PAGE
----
Implications for India

Over the past one decade, global economic growth has mainly been driven by the US economy. This found reflection in the widening external deficit of the US. The current account deficit of the US, which was around $140 billion in 1997 or 1.7 per cent of the US GDP, witnessed a continuous and dramatic increase to over $800 billion or 6 per cent of the US GDP in 2006. This unprecedented level of current account deficit enabled several countries across the world to grow through exports of goods and services to the US market. While globalisation meant shrinking public expenditure and a shift away from domestic market oriented growth in most countries, the US provided the major market for export-oriented growth regimes. Growing current account deficits also meant that the US economy became increasingly indebted, but the growing indebtedness of the US economy was sustained by huge capital inflows into the US from the rest of the world. This ability of the US to attract capital inflows despite growing external indebtedness is based upon dollar hegemony. Since the dollar is conceived as the most stable currency, the bulk of the wealth and assets in the world are held in dollars and most international transactions are undertaken in dollars. This has ensured a high and stable international demand for the dollar and enabled the US to borrow cheaply from the rest of the world. Developing countries together hold over $3 trillion of foreign exchange reserves, typically held in “secure assets” in developed countries, including US Treasury Bills.

With crisis engulfing the US financial sector and the consequent downturn in the US economy, serious questions have arisen regarding the very sustainability of the current international economic order. The worldwide credit crunch following the financial crisis, coupled with a recession in the US and other advanced economies will have serious adverse impact on global growth, especially in developing countries like India. The spate of financial crises witnessed in the developing countries since the late 1990s starting from South East Asia have already shown that such crises tend to be even more lethal for the real economy in terms of shrinking output and employment and deterioration of the living standards of the working people.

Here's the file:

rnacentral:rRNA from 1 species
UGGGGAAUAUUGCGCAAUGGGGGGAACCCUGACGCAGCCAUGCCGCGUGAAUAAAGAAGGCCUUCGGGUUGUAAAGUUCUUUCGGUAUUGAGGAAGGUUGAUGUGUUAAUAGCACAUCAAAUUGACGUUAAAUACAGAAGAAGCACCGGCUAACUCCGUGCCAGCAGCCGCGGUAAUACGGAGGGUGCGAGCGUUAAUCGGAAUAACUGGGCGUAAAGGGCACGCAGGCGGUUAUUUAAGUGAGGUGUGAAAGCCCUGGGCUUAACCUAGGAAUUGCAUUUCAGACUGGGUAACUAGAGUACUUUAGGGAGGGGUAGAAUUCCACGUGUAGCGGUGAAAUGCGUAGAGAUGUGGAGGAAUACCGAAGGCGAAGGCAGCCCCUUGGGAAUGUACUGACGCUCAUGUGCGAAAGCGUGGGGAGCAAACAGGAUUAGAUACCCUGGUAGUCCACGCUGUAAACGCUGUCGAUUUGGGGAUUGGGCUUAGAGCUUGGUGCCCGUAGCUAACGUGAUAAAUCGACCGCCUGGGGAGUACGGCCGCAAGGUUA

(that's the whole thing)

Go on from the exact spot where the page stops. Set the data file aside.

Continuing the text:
Following the financial meltdown in the US, stock markets across the world, from the Wall Street to the Asian markets, are already witnessing gyrations. In India, the rupee has slided considerably vis-à-vis the dollar due to capital outflows caused by the portfolio adjustments by the FIIs. The FIIs have been net sellers in the Indian stock markets over the past few months, taking out $4.2 billion from India during the first quarter (April to June) of 2008. The current account deficit reaching a record $10.7 billion during the first quarter of 2008, despite a weakening rupee, does not reflect a healthy trend. Indian policymakers need to rethink their economic strategy in this backdrop. The stimulus for domestic economic growth is surely not going to come from global markets in the near future. There is an urgent need therefore to shift the focus away from trade liberalisation and external markets and work towards generating domestic market based stimuli for economic growth. More importantly, the Indian financial system needs to be insulated from the turbulence being witnessed in the financial markets of the US and elsewhere. Not only should the ongoing moves towards greater financial liberalisation and deregulation be stalled, regulations need to be tightened in several areas where recklessness is already visible.